To run CLANS you need to have Java 1.5 or better installed (java can be downloaded HERE). For full functionality you will also need the NCBI BLAST,PSI-BLAST and formatdb executables (NCBI). For command line parameters and basic help please refer to the README or tutorial file.

Examples:
Graphs calculated using FASTA format sequences as input:
AAA+ ATPases
Graph layout for 5101 sequences identified as putative AAA-ATPases by PSIBLAST and Hidden Markov Model (HMM) searches. The set consists to the largest part of AAA+-ATPases (a superfamily of AAA-ATPases). ABC-transporters, a known outgroup to AAA+-ATPases, can be found as a separate cluster (bottom-left). Blast hits are displayed using a color gradient from red (good) to pale blue (less good). Edges with P-values worse than 10-10 are not shown.

Outer membrane proteins
Graph layout 14092 sequences that were the result of recursive PSIBLAST searches using outer membrane proteins as seeds. Many large clusters are visible as well as many low confidence hits (dots with no connections). Analysis in progress.

Other Data
Graphs calculated from precomputed similarities:
Example analysis of microarray data. approximately 75 experiments. Three groups are selected. The functional annotation for the sequences in the blue group shows that they are all thought to be involved in bin 28.1:"DNA synthesis/chromatin structure". The purple group is involved in bin 1.01.02.02:"Photosystem I reaction center"(data not shown). The red group contains a variety of annotations, many of which are proteins of "unknown" function.
Graph layout of amino acid similarities according to the BLOSUM62 substitution matrix (only edges with positive values are shown).


Files:
Standard Input:
Standard input is a file of fasta format sequences:
	>name1
	sequence1
	>name2
	sequence2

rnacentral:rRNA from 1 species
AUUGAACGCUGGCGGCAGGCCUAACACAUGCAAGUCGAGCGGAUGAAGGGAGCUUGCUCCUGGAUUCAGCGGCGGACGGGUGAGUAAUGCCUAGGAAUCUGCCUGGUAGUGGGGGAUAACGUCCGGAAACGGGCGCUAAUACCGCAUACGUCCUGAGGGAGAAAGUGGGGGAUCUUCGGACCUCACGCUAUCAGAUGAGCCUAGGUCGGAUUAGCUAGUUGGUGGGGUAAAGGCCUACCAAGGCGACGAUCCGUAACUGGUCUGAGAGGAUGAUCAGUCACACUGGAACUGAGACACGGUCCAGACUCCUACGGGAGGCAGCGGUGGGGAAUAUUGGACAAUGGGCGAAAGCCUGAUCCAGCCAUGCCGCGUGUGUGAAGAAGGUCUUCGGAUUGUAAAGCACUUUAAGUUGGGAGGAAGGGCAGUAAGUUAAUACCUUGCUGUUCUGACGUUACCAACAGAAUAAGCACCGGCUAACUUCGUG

etc.
	
Command line parameters can be used to specify additional sequence databases, search parameters, where to find BLAST executables and many more (see README.txt file)

Alternative input:
A CLANS savefile can be loaded.
Format:
	sequences=3 #number of sequences
	<param>#optional
	parameters used for graph layout
	</param>
	<rotmtx>#optional
	current rotation of the graph
	</rotmtx>

	<seqs>
	>sequence name1
	sequence1
	>sequence name2
	sequence2
	>sequence name3
	sequence3
	</seqs>
	<pos>#X,Y and Z coordinates of vertices
	0 -2.359319 -3.0919282 1.6470909 
	1 2.5697038 -3.258371 -1.4772072
	2 -2.1152546 -3.3181837 -1.3644718
	</pos>
	<hsp>#P-values for edges between vertices (smaller value=better)(missing values=P-value of 1)
	0 0:0
	0 1:1e-3
	0 2:1e-60
	1 1:0
	1 2:1e-10
	2 0:1e-57
	2 1:1e-8
	2 2:0
	</hsp>

	
Or, as an alternative, a file containing precomputed similarities can be used as input.
Format:
	sequences=3   #number_of_sequences
	<seqs>
	>vertex_name_1
	>vertex_name_2
	>vertex_name_3
	</seqs>

	<mtx> #positive and negative values possible (neg. values = additional repulsive interaction)
	0    0.2 -0.4
	0.1  0    0.1
	-0.1 0    0
	</mtx>

	
Or, to simplify things, a simple tabular format file can be loaded (either two or three column format)